This rugged, rainforested Central American country is known for its picture-perfect beaches, misty volcanic peaks, and mighty waterfalls.
It is one of the most biodiverse countries on the planet, boasting nearly six per cent of the world’s biodiversity, ecosystems and wildlife species.
Costa Rica is blessed with two different coastlines, namely, the Pacific coast and the Caribbean coast.
You’ll have a fabulous time wherever you go in Costa Rica, but which coast you’ll choose to visit, depends on how much money or time you have available and what sort of adventure you’d like to have.
While both coasts have something to offer, they are not the same in terms of adventure, activities, and even weather. Most travel blogs will advise you to go to either one or the other, depending on the writer’s preferences.
In this blog, I take a different approach and list some of the unique features of each to help you make up your own mind.
While this region is blessed with plenty of white sand beaches and rainforests, it is a little less developed than its Pacific neighbour.
However, it has a wild, raw beauty that has been influenced by indigenous peoples and West Indian immigrants.
In this region, you can see the nesting turtles of the tropical rainforest of Tortuguero, raft the Río Pacuare or dive the reefs off Manzanillo.
It is also home to the coastal towns of Limon, the gold sand beaches of Puerto Viejo, the coral reefs of Cahuita National Park and of course, the abundant supply of flavourful Caribbean restaurants and Afro-Caribbean cultural festivals.
While many of the hotels you’ll find in this area may not be as flashy and well built as the ones you’ll find on the Pacific Coast, the unique cultural influences of the Caribbean makes this region well worth a visit.
It is also worth noting that the entire Caribbean Coast is less-frequented than the Pacific Coast, making it ideal for the kind of off-grid adventures that intrepid backpackers dream about.
The truth is that regardless of which coast you land on, Costa Rica is a paradise for nature-lovers, hikers, beach loungers, city dwellers and scuba divers alike.
If having all of the creature comforts is important to you, then the Pacific coast is probably your best option.
Here you’ll find a wide range of accommodations, with everything from rainforest treehouses, private vacation rentals, rustic coastal lodges and everything in between.
The main regions in the Pacific coast include: the province of Guanacaste, Nicoya Peninsula, Central Pacific, South Pacific and the Osa Peninsula.
These regions are as diverse as they are spectacular. For example, the Central Region is flanked by about a dozen small mountain ranges, wildlife refuges, waterfalls and beaches, while the Osa Peninsula is a premier rainforest destination. Most of these destinations are also great for snorkelling, scuba diving, surfing and fishing.
On the Pacific Coast you’ll find a greater number of hotels with mod cons such as swimming pools, fully functioning WiFi, air con and full service staff.
If I were to touch the surface of the hidden and not-so-hidden gems you can find in this region, then this article would be 100 pages long. Just know that you’ll have an unforgettable adventure wherever you go.
No PCR test or quarantine is required but travellers will need to fill out a digital HEALTH PASS form and purchase insurance covering their accommodations in case of quarantine and medical expenses due to COVID-19 illness.
Most insurance companies now include cover for Covid 19 but check that your insurance company will cover you for the destination you are travelling to. Some insurance companies will even cover you for destinations that the government advises you against going. But be sure to check this with your provider first.
Brazil is the birthplace of adventures. Whether you intend to go canoeing through the Amazon rainforest, kayak along the thundering waterfalls of the Iguazu falls, clamber up the Pico de Neblina, or pass out on the beaches of Santos Beach and Praia de Rosa, the country has it all.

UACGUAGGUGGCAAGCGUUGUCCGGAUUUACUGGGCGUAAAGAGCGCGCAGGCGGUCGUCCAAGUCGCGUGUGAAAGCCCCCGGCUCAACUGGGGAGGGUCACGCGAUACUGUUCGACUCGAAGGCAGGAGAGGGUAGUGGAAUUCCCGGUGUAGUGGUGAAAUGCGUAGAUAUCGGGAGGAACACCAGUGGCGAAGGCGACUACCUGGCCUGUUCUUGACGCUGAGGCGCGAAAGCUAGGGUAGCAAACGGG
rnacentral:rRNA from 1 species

It is the fifth largest country in the world that occupies half of the landmass of South America. It encompasses a wide range of tropical and subtropical landscapes, including wetlands, savannas, plateaus, and low mountains. It is also home to most of the Amazon River basin, which has the world’s largest river system and the most-extensive virgin rainforest.
Here you can take full advantage of powdery white-sand beaches, verdant rainforests, and otherworldly landscapes of cascading waterfalls and legendary rock formations.
São Paulo, Rio de Janeiro and Belo Horizonte are the 3 largest cities and also the most heavily populated parts of Brazil. All are worth visiting, but the city that really takes the spotlight is Rio, a seaside city in Brazil famed for its Copacabana and Ipanema beaches, Sugarloaf mountain and its iconic 38 metre Christ the Redeemer statue.
The central region of Brazil is home to the largest wetlands in the world, lush tropical coastlines and an enormous plateau of savanna and rock escarpments that dominate the landscape.
Entry to Brazil by non-resident foreign nationals by air is permitted. However, there are restrictions on non-resident foreign nationals entering by land or sea. No PCR test or mask is required.
Covid-19 has drastically changed the nature of travel in little under a year. The world has gone from being the most open it’s ever been, to being the most closed it has ever been as panicked governments close their borders and put severe limitations on their entry requirements.
When you combine that with the ongoing lockdowns and social distancing policies, you could be forgiven for thinking that travel is quickly becoming a thing of the past.
But that’s not the case. At least for the moment, there are still a small handful of countries that you can visit without too many limitations.
The caveat is that this could all change at a moment’s notice. And while none of the above destinations currently require PCR tests, or quarantines, this may not apply to your local airlines or government. So be sure to check your local guidelines also.
But if you do make it to one of these magnificent destinations, then you will be richly rewarded with the breathtaking natural wonders, white sand beaches, azure oceans and iconic cultural landmarks that all of these countries offer.
And the fact that you won’t have to worry about getting an expensive PCR test or fritter away half of your holiday in some dingy quarantine camp on top of any local restrictions from your own country, is an added bonus.